This article was updated by the Great British Mag content team on 17 November 2021
Edinburgh has hundreds of attractions to visit, but if you’re on a budget then these 10 free activities are all you need to make the most out of the city.
Climb up to Edinburgh Castle
Price: free (unless you go inside)
One of the most breath-taking (literally) free activities to do in Edinburgh is climbing up the hill to where the iconic Edinburgh Castle is. It’s a bit of a trek and you’ll need some sturdy shoes, but once you get to the top it’s worth it. The castle itself is amazing but the views from the centre of the city are truly remarkable
Wander around Dean Village
Where: Water of Leith
As soon as you step into Dean Village, it feels like you’ve been transported back to the 19th century. The cobbled streets and historic buildings were constructed in the 1880s as model housing for local workers and have been around ever since. The most striking building in the village is Well Court, which sits next to a quaint little river, the Water of Leith.
Visit the Museum of Childhood
Where: High Street
The Museum of Childhood is the first ever museum to focus on the history of children. It contains a collection of children’s toys and playthings that range from the 18th to 21st centuries. It attracts over 250,000 visitors annually and is one of the most popular museums in the city. Note: the museum has been closed due to the pandemic, so it’s worth checking that it’s back up and running before making your trip there!
Climb Calton Hill
Looking for a panoramic view of Edinburgh? Look no further than Calton Hill. Situated in the heart of the city, it looks over the Palace of Holyrood House, Edinburgh Playhouse and the city’s snaking train system. Once you’re at the top of the hill, walk around and look at the various moments, including the Nelson Monument, the National Monument of Scotland, the Monument to Scottish Parliament and the Playfair Monument.
Check out Edinburgh’s coolest neighbourhood
Time Out magazine can’t get enough of this ‘hood, naming it as one of the coolest in Europe in 2018 and 2020. Head there and stroll along cobbled waterfront path The Shore, which is lined with cool shops and cafes. It’s here you’ll also find creative hubs Custom House and Custom Lane, which often have free events and exhibitions on the go.
Explore Greyfriars Kirkyard
Where: Old Town
Greyfriars Kirkyard is considered one of the most haunted graveyards in the world. It’s located at the southern edge of the Old Town and features burials that date back to the late 16th century. Visit the statues of Greyfriars Bobby – a terrier who sat by his master’s grave for 14 years. Harry Potter fans will delight in knowing you can find the graves of Tom Riddle, Professor Minerva McGonagall and Alastor ‘Mad-Eye’ Moody here, too. It’s also thought to be the inspiration behind Godric’s Hollow – the resting place of Harry Potter’s parents.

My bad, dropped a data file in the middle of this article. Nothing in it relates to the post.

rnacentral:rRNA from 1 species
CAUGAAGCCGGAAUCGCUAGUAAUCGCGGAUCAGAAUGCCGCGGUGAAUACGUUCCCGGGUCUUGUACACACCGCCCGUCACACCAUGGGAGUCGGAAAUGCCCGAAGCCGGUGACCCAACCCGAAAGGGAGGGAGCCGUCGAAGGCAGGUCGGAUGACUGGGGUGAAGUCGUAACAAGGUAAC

Take a walking tour
Where: All over Edinburgh
Price: free (with an optional fee)
One of the best ways to see this handsome city is on foot. Luckily, there are a load of free walking tours available – so dig out your comfiest shoes and get ready to pound the pavements. Local experts can take you to places like the iconic Royal Mile and the charming Grassmarket. There are also specialised Harry Potter walking tours, as well as ghost tours for people who are feeling a little bit more adventurous. At the end of the tour, just pay what you think it was worth.
Listen to live music at Whistle Binkies
Where: South Bridge
Whistle Binkies offers free live music every evening, featuring at least four bands a night. This iconic Edinburgh venue is nestled in the vaults under South Bridge and features some of the best live music Edinburgh has to offer. Feeling adventurous? There’s an open mic night every Monday. Note: the venue has been closed because of the pandemic, so check that it’s open before heading over.
Take in the Royal Botanic Gardens
Where: Arboretum Place
If you’re a fan of nature, the Royal Botanic Gardens in Edinburgh is the place for you. Founded in 1670, it’s the second-oldest botanic garden in the UK. It has a collection of more than 13,000 plant species housed in multiple conservatories and gardens across the property. Leave a few hours to explore this because you’re going to want to see all of it.
Hike up to Arthur’s Seat
Where: Holyrood Park
One of the best natural phenomenons in Edinburgh is the ancient volcano known as Arthur’s Seat. It’s very close to the city centre and boasts a height of over 250 meters. You better get your hiking boots on for this one, as climbing it could take a couple of hours, but the views of the city are totally worth it in the end.